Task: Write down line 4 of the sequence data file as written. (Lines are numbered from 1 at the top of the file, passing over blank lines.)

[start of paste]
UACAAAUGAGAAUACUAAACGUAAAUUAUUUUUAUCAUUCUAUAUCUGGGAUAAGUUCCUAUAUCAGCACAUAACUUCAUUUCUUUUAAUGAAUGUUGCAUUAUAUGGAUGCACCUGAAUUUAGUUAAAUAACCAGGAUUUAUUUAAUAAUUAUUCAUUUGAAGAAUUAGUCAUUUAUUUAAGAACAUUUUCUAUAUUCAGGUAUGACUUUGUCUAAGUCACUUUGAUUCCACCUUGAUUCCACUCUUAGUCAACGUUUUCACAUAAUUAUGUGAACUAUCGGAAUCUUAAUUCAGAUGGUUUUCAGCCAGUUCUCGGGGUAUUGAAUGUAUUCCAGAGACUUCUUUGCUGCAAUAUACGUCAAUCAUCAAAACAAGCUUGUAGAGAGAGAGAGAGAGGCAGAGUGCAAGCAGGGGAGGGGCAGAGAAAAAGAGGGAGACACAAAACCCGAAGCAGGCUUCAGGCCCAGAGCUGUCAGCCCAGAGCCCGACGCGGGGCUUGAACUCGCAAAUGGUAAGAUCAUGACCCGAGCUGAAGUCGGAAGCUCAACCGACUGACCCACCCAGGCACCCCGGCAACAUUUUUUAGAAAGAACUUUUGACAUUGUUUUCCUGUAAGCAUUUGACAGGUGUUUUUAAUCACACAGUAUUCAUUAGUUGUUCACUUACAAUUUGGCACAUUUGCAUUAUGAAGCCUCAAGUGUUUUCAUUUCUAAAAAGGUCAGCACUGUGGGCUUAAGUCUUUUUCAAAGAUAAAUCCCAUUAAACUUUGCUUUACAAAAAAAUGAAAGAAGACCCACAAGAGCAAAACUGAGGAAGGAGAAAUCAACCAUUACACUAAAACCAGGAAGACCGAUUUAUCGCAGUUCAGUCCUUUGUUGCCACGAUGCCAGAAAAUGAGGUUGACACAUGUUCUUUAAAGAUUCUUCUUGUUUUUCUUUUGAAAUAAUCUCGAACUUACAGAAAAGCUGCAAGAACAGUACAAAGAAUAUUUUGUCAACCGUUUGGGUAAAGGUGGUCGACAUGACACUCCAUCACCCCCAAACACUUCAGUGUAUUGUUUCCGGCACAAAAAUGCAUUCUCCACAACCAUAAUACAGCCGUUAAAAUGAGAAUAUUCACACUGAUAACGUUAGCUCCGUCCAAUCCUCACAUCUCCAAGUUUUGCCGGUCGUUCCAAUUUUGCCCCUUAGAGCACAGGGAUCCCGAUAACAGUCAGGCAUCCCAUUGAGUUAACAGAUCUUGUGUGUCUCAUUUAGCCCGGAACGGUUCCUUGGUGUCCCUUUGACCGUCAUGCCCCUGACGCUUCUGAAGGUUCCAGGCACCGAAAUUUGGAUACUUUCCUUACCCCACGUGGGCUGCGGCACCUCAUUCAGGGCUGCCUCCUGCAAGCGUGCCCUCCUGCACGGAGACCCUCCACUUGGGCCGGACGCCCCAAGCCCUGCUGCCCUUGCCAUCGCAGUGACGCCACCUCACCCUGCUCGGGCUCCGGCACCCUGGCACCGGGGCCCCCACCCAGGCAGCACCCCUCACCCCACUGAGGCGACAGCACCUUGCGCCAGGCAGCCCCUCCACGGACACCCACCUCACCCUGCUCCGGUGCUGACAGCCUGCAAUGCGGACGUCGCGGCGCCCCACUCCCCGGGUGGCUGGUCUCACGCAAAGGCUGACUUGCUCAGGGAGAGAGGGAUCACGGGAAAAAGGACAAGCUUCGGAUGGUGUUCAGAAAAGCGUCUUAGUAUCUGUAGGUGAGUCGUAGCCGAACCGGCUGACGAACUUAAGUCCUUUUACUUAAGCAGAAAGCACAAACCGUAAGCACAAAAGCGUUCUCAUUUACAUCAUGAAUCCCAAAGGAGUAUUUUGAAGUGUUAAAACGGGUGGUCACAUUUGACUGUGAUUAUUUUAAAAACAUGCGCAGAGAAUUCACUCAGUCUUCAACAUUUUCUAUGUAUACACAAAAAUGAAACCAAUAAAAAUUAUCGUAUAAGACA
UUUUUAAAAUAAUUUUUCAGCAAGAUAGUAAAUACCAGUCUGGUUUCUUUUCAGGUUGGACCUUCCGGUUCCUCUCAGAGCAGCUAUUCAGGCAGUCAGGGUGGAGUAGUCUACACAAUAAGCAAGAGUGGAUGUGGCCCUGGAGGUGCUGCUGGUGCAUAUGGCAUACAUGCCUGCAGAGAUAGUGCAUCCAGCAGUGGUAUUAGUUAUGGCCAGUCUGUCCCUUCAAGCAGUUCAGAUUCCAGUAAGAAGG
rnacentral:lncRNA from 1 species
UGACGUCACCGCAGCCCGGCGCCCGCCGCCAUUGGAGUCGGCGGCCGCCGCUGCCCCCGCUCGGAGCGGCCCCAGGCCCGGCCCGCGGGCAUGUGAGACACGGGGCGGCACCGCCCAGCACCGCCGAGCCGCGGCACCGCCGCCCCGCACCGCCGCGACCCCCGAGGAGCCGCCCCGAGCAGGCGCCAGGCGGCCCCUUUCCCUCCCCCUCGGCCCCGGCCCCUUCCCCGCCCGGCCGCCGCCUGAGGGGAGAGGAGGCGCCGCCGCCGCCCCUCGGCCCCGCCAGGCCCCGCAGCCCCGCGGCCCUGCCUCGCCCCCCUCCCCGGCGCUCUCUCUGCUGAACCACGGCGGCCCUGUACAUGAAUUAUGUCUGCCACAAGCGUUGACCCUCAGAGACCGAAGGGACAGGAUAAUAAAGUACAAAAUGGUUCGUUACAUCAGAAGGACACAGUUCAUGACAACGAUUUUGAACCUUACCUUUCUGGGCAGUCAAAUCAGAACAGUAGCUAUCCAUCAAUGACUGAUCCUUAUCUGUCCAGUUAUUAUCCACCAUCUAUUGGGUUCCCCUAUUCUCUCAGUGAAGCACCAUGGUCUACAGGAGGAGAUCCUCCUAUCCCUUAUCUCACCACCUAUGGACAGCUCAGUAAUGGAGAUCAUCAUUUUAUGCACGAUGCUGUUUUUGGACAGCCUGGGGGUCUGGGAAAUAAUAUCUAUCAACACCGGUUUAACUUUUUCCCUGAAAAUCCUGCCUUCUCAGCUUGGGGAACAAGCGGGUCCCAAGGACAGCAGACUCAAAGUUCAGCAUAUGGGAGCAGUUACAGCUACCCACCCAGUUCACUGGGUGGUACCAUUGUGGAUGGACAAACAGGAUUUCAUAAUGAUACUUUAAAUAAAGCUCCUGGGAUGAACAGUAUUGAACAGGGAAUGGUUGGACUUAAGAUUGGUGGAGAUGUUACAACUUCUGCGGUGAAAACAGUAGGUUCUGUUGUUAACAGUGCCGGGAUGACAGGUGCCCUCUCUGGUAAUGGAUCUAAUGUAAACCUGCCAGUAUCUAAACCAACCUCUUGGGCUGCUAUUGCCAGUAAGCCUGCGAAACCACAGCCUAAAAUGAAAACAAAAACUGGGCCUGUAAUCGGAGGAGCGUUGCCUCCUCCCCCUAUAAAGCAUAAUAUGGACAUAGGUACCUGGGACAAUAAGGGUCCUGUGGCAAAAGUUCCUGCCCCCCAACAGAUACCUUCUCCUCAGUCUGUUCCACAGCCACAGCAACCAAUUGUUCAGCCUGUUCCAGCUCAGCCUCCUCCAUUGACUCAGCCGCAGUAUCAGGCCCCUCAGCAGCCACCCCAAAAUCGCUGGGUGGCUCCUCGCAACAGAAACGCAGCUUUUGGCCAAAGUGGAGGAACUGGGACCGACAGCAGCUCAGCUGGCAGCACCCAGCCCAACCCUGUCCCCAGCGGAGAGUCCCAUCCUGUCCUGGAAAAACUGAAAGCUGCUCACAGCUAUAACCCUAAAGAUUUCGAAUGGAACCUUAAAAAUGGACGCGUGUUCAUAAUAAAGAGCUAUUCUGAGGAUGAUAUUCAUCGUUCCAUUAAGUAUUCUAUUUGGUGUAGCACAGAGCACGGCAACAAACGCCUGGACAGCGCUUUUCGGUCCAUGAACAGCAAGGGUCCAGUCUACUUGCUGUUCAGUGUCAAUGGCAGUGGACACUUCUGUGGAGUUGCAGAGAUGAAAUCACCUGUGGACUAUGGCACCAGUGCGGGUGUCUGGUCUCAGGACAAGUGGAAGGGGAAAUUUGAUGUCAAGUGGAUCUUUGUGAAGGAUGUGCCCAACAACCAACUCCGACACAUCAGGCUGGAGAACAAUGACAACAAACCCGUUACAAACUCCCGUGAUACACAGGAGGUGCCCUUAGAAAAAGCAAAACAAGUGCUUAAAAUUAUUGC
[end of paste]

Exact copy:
UGACGUCACCGCAGCCCGGCGCCCGCCGCCAUUGGAGUCGGCGGCCGCCGCUGCCCCCGCUCGGAGCGGCCCCAGGCCCGGCCCGCGGGCAUGUGAGACACGGGGCGGCACCGCCCAGCACCGCCGAGCCGCGGCACCGCCGCCCCGCACCGCCGCGACCCCCGAGGAGCCGCCCCGAGCAGGCGCCAGGCGGCCCCUUUCCCUCCCCCUCGGCCCCGGCCCCUUCCCCGCCCGGCCGCCGCCUGAGGGGAGAGGAGGCGCCGCCGCCGCCCCUCGGCCCCGCCAGGCCCCGCAGCCCCGCGGCCCUGCCUCGCCCCCCUCCCCGGCGCUCUCUCUGCUGAACCACGGCGGCCCUGUACAUGAAUUAUGUCUGCCACAAGCGUUGACCCUCAGAGACCGAAGGGACAGGAUAAUAAAGUACAAAAUGGUUCGUUACAUCAGAAGGACACAGUUCAUGACAACGAUUUUGAACCUUACCUUUCUGGGCAGUCAAAUCAGAACAGUAGCUAUCCAUCAAUGACUGAUCCUUAUCUGUCCAGUUAUUAUCCACCAUCUAUUGGGUUCCCCUAUUCUCUCAGUGAAGCACCAUGGUCUACAGGAGGAGAUCCUCCUAUCCCUUAUCUCACCACCUAUGGACAGCUCAGUAAUGGAGAUCAUCAUUUUAUGCACGAUGCUGUUUUUGGACAGCCUGGGGGUCUGGGAAAUAAUAUCUAUCAACACCGGUUUAACUUUUUCCCUGAAAAUCCUGCCUUCUCAGCUUGGGGAACAAGCGGGUCCCAAGGACAGCAGACUCAAAGUUCAGCAUAUGGGAGCAGUUACAGCUACCCACCCAGUUCACUGGGUGGUACCAUUGUGGAUGGACAAACAGGAUUUCAUAAUGAUACUUUAAAUAAAGCUCCUGGGAUGAACAGUAUUGAACAGGGAAUGGUUGGACUUAAGAUUGGUGGAGAUGUUACAACUUCUGCGGUGAAAACAGUAGGUUCUGUUGUUAACAGUGCCGGGAUGACAGGUGCCCUCUCUGGUAAUGGAUCUAAUGUAAACCUGCCAGUAUCUAAACCAACCUCUUGGGCUGCUAUUGCCAGUAAGCCUGCGAAACCACAGCCUAAAAUGAAAACAAAAACUGGGCCUGUAAUCGGAGGAGCGUUGCCUCCUCCCCCUAUAAAGCAUAAUAUGGACAUAGGUACCUGGGACAAUAAGGGUCCUGUGGCAAAAGUUCCUGCCCCCCAACAGAUACCUUCUCCUCAGUCUGUUCCACAGCCACAGCAACCAAUUGUUCAGCCUGUUCCAGCUCAGCCUCCUCCAUUGACUCAGCCGCAGUAUCAGGCCCCUCAGCAGCCACCCCAAAAUCGCUGGGUGGCUCCUCGCAACAGAAACGCAGCUUUUGGCCAAAGUGGAGGAACUGGGACCGACAGCAGCUCAGCUGGCAGCACCCAGCCCAACCCUGUCCCCAGCGGAGAGUCCCAUCCUGUCCUGGAAAAACUGAAAGCUGCUCACAGCUAUAACCCUAAAGAUUUCGAAUGGAACCUUAAAAAUGGACGCGUGUUCAUAAUAAAGAGCUAUUCUGAGGAUGAUAUUCAUCGUUCCAUUAAGUAUUCUAUUUGGUGUAGCACAGAGCACGGCAACAAACGCCUGGACAGCGCUUUUCGGUCCAUGAACAGCAAGGGUCCAGUCUACUUGCUGUUCAGUGUCAAUGGCAGUGGACACUUCUGUGGAGUUGCAGAGAUGAAAUCACCUGUGGACUAUGGCACCAGUGCGGGUGUCUGGUCUCAGGACAAGUGGAAGGGGAAAUUUGAUGUCAAGUGGAUCUUUGUGAAGGAUGUGCCCAACAACCAACUCCGACACAUCAGGCUGGAGAACAAUGACAACAAACCCGUUACAAACUCCCGUGAUACACAGGAGGUGCCCUUAGAAAAAGCAAAACAAGUGCUUAAAAUUAUUGC